If there is a national, multi-sport organization, it is likely to look more like UEFA than the NFL. It would only be able to set very broad rules across the conferences (like “athletes must be enrolled students”) and operate a national championship that takes a backseat or is on equal position to the conference or league championship, like UEFA’s Champions League.
Greater NGB and Professional League Involvement
If the NCAA is gone, the next logical set of organizations to oversee college athletics are national governing bodies like USA Basketball or USA Track and Field and professional leagues. The NCAA functions as a de facto minor league for some professional organizations and as the primary developmental system for many Olympic sports. That relationship would just become explicit.
Some sports one would think would be troubled by an NCAA breakup may profit from this relationship. If college baseball were to be tightly integrated into MLB’s development structure, it potentially could have access to a whole new market of fans. Baseball, soccer, men’s ice hockey, and track and field all could gain by working closer with the top level of the sport in the United States.
Sports without a top professional league or sophisticated development structure could struggle though. Lacrosse, softball, and field hockey are all examples of sports that might need to find a replacement for the strength of the NCAA to keep thriving and growing.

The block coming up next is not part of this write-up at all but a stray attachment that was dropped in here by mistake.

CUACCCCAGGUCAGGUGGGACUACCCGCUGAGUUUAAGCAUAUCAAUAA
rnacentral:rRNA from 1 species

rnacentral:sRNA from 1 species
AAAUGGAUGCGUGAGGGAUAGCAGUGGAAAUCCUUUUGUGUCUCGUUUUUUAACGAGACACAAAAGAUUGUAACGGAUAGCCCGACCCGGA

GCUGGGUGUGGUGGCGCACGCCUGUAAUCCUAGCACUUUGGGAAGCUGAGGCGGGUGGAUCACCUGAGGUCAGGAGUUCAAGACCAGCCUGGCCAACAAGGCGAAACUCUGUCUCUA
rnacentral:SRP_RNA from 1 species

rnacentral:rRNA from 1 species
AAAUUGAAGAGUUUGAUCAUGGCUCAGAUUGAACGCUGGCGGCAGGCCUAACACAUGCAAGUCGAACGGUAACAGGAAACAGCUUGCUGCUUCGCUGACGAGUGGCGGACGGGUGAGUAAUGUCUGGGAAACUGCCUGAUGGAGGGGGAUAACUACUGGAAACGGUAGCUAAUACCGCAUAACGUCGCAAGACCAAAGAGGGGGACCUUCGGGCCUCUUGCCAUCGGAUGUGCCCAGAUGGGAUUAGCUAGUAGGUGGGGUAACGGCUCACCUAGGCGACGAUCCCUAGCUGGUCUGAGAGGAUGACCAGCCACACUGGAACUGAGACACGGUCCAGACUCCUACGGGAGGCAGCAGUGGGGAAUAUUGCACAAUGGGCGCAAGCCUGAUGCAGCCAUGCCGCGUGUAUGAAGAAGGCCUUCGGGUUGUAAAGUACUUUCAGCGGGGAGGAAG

Without needing to be voted in by the NCAA membership, new sports could potentially flourish as college sports. They would be able to grow organically without the stigma of being second-class citizens because they aren’t official NCAA sports or the need to hit some arbitrary amount of support before losing that stigma.
Some sports that might be poised to break into the collegiate ranks:
- Endurance sports like marathoning, cycling, and triathlon
- Action sports like snowboarding, skateboarding, BMX, etc.
Another category with little or no presence at the collegiate level that might be able to break in are motorsports. High costs though could keep them from taking advantage.
More Amateurism, Education, and Title IX Problems, Not Fewer
Odd bedfellows would be thrilled at the end of the NCAA. They include proponents of pay-for-play, those who support both more and fewer academic standards, and people not happy with the current interpretation of Title IX. Many belief that the demise of the NCAA is a major step toward their goals, if not the only step necessary in some cases.